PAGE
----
Apprentice-watchers pray Woody Allen was wrong
The New York film-maker Woody Allen once made the observation that "life imitates bad television." The business world ought to start praying that such a dictum doesn't apply to the awful but (so people say) gripping series, "The Apprentice."
I'll confess that I hate catch-phrases as readily as I forget them. I've also heard that the one thing most likely to drive actors to the contemplation of suicide is being forced by passers-by in the street to repeat the inane combination of two, three, or four words that propelled them to soap stardom in the first place. There are known examples of this. But I've forgotten them.
Alan Sugar, of course, was not propelled to fame by a catch-phrase; nonetheless, he was been given one, no doubt by some rookie TV producer who cunningly came up with "You're fired."
It wasn't it seems, the sheer ghastly inanity of the phrase that has upset some correspondents of AccountingWEB, so much as the fact that "in today's world", not even in the deepest, darkest and most archaic widget factory in England, everybody is far too touchy-feely and terrified of employment tribunals to get straight to the point in so unequivocal a manner.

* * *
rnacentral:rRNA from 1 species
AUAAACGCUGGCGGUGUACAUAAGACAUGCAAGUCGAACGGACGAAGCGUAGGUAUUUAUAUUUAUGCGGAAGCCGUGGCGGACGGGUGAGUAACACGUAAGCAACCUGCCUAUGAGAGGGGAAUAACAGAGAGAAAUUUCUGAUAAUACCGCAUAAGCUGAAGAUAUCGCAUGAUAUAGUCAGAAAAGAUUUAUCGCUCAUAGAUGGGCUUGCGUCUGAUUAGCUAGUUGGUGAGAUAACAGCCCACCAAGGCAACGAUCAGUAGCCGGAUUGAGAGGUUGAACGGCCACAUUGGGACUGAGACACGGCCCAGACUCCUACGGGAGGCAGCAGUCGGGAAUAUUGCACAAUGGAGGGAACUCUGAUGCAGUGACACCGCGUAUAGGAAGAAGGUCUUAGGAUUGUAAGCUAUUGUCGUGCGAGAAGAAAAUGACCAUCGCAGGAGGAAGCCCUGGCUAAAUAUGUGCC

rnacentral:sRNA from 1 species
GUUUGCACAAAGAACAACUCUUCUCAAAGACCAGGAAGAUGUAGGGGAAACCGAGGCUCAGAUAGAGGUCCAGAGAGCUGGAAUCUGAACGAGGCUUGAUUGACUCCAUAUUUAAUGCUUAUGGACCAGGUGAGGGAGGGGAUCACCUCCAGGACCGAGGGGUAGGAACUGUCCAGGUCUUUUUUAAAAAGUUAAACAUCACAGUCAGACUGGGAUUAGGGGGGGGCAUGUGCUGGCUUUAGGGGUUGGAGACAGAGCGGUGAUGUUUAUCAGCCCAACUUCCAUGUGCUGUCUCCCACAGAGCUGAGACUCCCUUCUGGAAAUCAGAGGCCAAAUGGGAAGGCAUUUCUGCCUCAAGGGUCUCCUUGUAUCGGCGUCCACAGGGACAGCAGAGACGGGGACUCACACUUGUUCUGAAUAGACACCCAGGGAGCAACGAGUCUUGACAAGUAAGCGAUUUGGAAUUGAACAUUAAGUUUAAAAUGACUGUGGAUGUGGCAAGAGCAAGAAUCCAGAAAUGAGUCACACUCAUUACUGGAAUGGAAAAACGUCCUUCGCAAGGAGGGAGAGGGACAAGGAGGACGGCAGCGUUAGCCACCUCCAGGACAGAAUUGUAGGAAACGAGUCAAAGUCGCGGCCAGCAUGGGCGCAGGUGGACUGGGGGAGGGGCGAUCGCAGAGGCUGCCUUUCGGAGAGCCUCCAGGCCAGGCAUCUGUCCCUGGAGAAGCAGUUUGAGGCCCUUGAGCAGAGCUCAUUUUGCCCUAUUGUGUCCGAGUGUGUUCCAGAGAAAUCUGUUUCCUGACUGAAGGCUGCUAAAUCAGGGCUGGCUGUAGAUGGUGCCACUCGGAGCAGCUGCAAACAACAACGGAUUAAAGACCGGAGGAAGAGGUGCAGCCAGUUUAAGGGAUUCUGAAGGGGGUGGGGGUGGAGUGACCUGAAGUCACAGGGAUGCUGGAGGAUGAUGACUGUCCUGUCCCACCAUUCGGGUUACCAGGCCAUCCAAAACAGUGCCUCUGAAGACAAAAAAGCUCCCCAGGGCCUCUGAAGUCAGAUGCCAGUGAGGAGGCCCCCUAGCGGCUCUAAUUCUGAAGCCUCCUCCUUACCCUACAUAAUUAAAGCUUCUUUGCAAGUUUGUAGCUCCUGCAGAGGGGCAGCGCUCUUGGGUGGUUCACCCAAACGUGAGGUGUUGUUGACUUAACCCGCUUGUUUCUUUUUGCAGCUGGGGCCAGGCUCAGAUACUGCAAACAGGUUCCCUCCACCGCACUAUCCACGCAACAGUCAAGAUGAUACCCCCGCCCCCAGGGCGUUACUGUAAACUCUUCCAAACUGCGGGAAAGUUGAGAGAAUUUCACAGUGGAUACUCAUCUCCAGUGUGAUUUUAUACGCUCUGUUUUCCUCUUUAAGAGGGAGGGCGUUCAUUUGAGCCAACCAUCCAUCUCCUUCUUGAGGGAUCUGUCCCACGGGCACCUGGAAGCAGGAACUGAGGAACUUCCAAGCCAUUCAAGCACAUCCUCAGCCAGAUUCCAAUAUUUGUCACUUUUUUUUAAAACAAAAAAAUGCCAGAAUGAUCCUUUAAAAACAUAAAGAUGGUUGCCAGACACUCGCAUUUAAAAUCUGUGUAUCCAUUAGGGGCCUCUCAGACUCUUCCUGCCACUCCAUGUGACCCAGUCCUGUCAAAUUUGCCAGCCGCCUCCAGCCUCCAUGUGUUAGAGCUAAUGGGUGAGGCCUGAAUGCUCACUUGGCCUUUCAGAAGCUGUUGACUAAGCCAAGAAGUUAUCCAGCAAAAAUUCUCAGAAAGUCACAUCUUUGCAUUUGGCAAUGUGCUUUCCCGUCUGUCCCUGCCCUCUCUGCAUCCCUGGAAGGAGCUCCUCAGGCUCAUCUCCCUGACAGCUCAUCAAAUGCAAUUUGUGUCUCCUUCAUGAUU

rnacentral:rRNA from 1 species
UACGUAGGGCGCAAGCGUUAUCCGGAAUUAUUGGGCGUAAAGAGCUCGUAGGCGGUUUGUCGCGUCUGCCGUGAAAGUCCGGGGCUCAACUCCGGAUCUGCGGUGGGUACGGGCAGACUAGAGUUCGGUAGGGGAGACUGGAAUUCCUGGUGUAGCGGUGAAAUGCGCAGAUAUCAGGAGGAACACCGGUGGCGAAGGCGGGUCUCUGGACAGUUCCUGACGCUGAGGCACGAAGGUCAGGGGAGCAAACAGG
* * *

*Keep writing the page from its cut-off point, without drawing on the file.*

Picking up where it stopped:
Hence the following from "employment law specialists" ELAS: "In the real world, few of today's company bosses would even dare think about sacking an employee on the spot'It might look good on TV but a lot has changed since Sir Alan's day.'
Well yes, but of course, it is television. And almost by definition, so-called "reality TV" is more surreal than any other kind.
One of most unsettling aspects of the whole program, I found, corny catch-phrases, self-important tantrums, and bad suits excluded, has been that (an admittedly nice lad who loves his mum) should be given a £100,000 salary on the grounds that despite an absence of experience, he has potential, and didn't get lippy when the others did.
I am entertaining, I confess, a delicious portend of doom. If Woody Allen is right (and let's face it, he's right about sex, anti-Semitism, psychoanalysis and practically everything else), The Apprentice could precipitate a wave of unintended and disastrous consequences. Bosses will revert to arcane HR practices, Alan Sugar will be stopped in the street by people who will, in effect, be asking him to sack them. And wage inflation will shoot through the roof.